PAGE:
In My Heart of Hearts: Valentine's Day Special

Just in time for Valentine's Day, a magical romantic experience for all lovers (of cards), thanks to the power of mathematics.

Take out a deck of cards and extract the thirteen Hearts, setting the rest aside. Deal the Hearts into a heart-shaped display, something like as shown. There is no significance to the order here.

2013-02-12-HeartofHearts.jpgSay, "In my heart of Hearts, I want you to find the one card that for you best symbolizes our special relationship, while I turn away. It's a completely free choice. Hold on to it, making sure I don't see it. Then gather up the others into a tidy pile, and give those to me face down."

Turn away as indicated, and wait while one card is selected and retained. When the twelve remaining cards are handed to you, turn back, hold them out of sight, under the table or behind your back. Say, "My fingers are very sensitive, and so perfectly attuned to our love, that I think I'll be able to feel which Heart is absent."

Without missing a beat, bring them back into view, still face down, adding, "Actually, I just turned these into a dozen red roses." Have the selected card put face down in the middle of the cards in your hands, and set the restored packet on the table.

Next, produce a sheet of paper on which are written the words, Empathy, Sense of Fun, Good Looking, Affection, Confidence, Patience, Good Cook, Honesty, Sense of Humor, Integrity, Sensitivity.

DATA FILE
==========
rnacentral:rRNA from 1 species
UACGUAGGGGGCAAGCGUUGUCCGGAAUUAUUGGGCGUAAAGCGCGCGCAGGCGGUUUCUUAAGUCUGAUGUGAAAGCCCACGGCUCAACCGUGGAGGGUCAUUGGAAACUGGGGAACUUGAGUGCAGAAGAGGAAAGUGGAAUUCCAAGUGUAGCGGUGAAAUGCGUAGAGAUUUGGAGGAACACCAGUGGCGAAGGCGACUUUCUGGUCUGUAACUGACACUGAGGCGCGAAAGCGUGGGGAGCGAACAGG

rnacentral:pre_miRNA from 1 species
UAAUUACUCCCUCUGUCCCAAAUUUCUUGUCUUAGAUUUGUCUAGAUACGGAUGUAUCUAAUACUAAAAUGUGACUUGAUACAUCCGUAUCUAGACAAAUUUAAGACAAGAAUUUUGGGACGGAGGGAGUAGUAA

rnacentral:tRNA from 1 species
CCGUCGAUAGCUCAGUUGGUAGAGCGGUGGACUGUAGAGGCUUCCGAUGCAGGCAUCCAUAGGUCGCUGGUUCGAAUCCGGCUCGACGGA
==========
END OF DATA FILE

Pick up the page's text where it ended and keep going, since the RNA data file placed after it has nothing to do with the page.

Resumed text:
Say, "Here are a dozen characteristics that soul mates commonly admire in each other. For instance, one of the things I love about you is your sense of fun." Pick up the packet of thirteen hearts, and start counting to a pile on the table, as you spell out SENSE OF FUN, one card for each letter.


Naturally, this reverses the order of those ten cards.


Drop the remaining three on top, as a unit.


Add, "I also love your passion," picking up the pile again. Do the same kind of dealing out, just seven cards this time, as you spell PASSION aloud, dropping the remaining six cards on top as a unit.

Now hand the packet to your loved one, and ask that person to pick one or two items on the list, and do the spell and drop routine for each one. When you are sure that the spelling and dropping routine has been mastered, turn away and request that this be repeated for several other words or phrases on the list, as often as is desired. It's okay to repeat an item if the person feels strongly about that characteristic, and it's also permissible to have the spelling/counting done silently, if your lover is shy.

Turn back once more, and ask for the packet, saying, "It's hard to say where anything is now, as the cards have been thoroughly mixed by all of that unpredictable spelling, but always in tune with our special love." Now flip over the piece of paper, on the other side it reads:

  1. Divide into two piles, the one of size six represents six roses, give them to your sweetie.
  2. Divide what's left into two piles, the one of size four represents four roses, give those to your sweetie.
  3. Divide what's left into two piles, the one of size two represents two roses, give those cards to your sweetie too.
  4. Say something romantic.

Do exactly as it says: Deal the packet left to right into two face-down piles, one of size seven, the other of size six. Push the smaller one across the table towards your soulmate. Deal left to right again, to form piles of size four and three. Push the larger one across the table. One last deal yields a pile of two cards and a single card, push the two cards away. Pick up the one remaining card and hold it next to your heart.